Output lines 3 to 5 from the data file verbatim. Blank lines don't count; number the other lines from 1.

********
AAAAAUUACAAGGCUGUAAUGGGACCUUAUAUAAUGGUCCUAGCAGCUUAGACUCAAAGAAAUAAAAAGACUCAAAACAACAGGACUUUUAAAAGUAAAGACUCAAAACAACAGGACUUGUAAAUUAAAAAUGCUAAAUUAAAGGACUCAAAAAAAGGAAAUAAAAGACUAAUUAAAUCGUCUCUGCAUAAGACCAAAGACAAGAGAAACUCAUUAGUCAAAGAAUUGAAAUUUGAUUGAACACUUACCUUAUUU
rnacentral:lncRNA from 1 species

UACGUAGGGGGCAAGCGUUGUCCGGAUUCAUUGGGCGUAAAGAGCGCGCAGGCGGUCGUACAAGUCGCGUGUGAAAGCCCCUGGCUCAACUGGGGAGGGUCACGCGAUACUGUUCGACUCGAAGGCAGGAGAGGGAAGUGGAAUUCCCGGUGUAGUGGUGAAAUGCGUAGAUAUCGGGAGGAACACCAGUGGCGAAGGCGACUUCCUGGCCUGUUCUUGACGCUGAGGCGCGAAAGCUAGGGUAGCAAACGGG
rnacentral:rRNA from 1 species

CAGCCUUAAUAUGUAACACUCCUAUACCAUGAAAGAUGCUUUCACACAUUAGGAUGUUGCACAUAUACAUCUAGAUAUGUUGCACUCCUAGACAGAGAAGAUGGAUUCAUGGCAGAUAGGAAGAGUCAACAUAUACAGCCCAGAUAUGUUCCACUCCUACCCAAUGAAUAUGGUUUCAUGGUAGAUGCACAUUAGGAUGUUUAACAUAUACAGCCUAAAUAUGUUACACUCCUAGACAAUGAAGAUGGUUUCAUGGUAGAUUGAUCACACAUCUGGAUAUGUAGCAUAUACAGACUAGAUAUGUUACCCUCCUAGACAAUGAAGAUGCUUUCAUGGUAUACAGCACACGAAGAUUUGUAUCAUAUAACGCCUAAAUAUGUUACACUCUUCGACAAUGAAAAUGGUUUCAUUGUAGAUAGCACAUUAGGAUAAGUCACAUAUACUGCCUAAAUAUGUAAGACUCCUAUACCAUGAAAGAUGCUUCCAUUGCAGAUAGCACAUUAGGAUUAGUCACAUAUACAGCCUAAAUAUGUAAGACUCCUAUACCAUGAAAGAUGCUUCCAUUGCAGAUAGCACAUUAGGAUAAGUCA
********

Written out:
UACGUAGGGGGCAAGCGUUGUCCGGAUUCAUUGGGCGUAAAGAGCGCGCAGGCGGUCGUACAAGUCGCGUGUGAAAGCCCCUGGCUCAACUGGGGAGGGUCACGCGAUACUGUUCGACUCGAAGGCAGGAGAGGGAAGUGGAAUUCCCGGUGUAGUGGUGAAAUGCGUAGAUAUCGGGAGGAACACCAGUGGCGAAGGCGACUUCCUGGCCUGUUCUUGACGCUGAGGCGCGAAAGCUAGGGUAGCAAACGGG
rnacentral:rRNA from 1 species

CAGCCUUAAUAUGUAACACUCCUAUACCAUGAAAGAUGCUUUCACACAUUAGGAUGUUGCACAUAUACAUCUAGAUAUGUUGCACUCCUAGACAGAGAAGAUGGAUUCAUGGCAGAUAGGAAGAGUCAACAUAUACAGCCCAGAUAUGUUCCACUCCUACCCAAUGAAUAUGGUUUCAUGGUAGAUGCACAUUAGGAUGUUUAACAUAUACAGCCUAAAUAUGUUACACUCCUAGACAAUGAAGAUGGUUUCAUGGUAGAUUGAUCACACAUCUGGAUAUGUAGCAUAUACAGACUAGAUAUGUUACCCUCCUAGACAAUGAAGAUGCUUUCAUGGUAUACAGCACACGAAGAUUUGUAUCAUAUAACGCCUAAAUAUGUUACACUCUUCGACAAUGAAAAUGGUUUCAUUGUAGAUAGCACAUUAGGAUAAGUCACAUAUACUGCCUAAAUAUGUAAGACUCCUAUACCAUGAAAGAUGCUUCCAUUGCAGAUAGCACAUUAGGAUUAGUCACAUAUACAGCCUAAAUAUGUAAGACUCCUAUACCAUGAAAGAUGCUUCCAUUGCAGAUAGCACAUUAGGAUAAGUCA